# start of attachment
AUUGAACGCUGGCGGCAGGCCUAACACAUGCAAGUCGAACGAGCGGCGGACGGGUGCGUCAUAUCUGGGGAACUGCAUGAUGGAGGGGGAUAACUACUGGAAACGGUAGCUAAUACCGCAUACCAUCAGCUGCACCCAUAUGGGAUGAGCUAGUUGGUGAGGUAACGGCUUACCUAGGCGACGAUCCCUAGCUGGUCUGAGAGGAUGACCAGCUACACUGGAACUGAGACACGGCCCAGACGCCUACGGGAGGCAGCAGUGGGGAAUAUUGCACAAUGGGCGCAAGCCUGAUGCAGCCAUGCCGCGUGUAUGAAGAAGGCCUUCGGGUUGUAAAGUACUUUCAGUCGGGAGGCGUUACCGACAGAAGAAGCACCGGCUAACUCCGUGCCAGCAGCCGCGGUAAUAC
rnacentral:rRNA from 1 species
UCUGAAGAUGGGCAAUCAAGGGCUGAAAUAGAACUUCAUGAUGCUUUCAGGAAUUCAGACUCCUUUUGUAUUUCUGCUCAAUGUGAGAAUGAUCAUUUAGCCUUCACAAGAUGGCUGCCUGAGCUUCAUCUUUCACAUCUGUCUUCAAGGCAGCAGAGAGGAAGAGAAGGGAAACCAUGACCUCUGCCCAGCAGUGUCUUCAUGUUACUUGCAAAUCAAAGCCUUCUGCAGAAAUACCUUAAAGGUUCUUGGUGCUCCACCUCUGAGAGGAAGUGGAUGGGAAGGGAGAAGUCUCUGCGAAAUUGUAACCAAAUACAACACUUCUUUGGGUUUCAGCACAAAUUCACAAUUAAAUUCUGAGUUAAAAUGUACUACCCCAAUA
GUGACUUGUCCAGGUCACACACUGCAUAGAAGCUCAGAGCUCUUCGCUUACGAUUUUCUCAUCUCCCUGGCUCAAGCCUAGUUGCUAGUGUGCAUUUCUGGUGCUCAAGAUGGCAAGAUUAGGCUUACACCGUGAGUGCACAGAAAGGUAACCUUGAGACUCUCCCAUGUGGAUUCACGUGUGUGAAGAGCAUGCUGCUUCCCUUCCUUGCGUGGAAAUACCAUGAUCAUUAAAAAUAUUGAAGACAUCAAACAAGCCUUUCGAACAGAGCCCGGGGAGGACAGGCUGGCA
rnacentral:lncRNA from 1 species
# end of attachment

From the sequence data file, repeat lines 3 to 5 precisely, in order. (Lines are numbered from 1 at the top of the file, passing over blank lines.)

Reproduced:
UCUGAAGAUGGGCAAUCAAGGGCUGAAAUAGAACUUCAUGAUGCUUUCAGGAAUUCAGACUCCUUUUGUAUUUCUGCUCAAUGUGAGAAUGAUCAUUUAGCCUUCACAAGAUGGCUGCCUGAGCUUCAUCUUUCACAUCUGUCUUCAAGGCAGCAGAGAGGAAGAGAAGGGAAACCAUGACCUCUGCCCAGCAGUGUCUUCAUGUUACUUGCAAAUCAAAGCCUUCUGCAGAAAUACCUUAAAGGUUCUUGGUGCUCCACCUCUGAGAGGAAGUGGAUGGGAAGGGAGAAGUCUCUGCGAAAUUGUAACCAAAUACAACACUUCUUUGGGUUUCAGCACAAAUUCACAAUUAAAUUCUGAGUUAAAAUGUACUACCCCAAUA
GUGACUUGUCCAGGUCACACACUGCAUAGAAGCUCAGAGCUCUUCGCUUACGAUUUUCUCAUCUCCCUGGCUCAAGCCUAGUUGCUAGUGUGCAUUUCUGGUGCUCAAGAUGGCAAGAUUAGGCUUACACCGUGAGUGCACAGAAAGGUAACCUUGAGACUCUCCCAUGUGGAUUCACGUGUGUGAAGAGCAUGCUGCUUCCCUUCCUUGCGUGGAAAUACCAUGAUCAUUAAAAAUAUUGAAGACAUCAAACAAGCCUUUCGAACAGAGCCCGGGGAGGACAGGCUGGCA
rnacentral:lncRNA from 1 species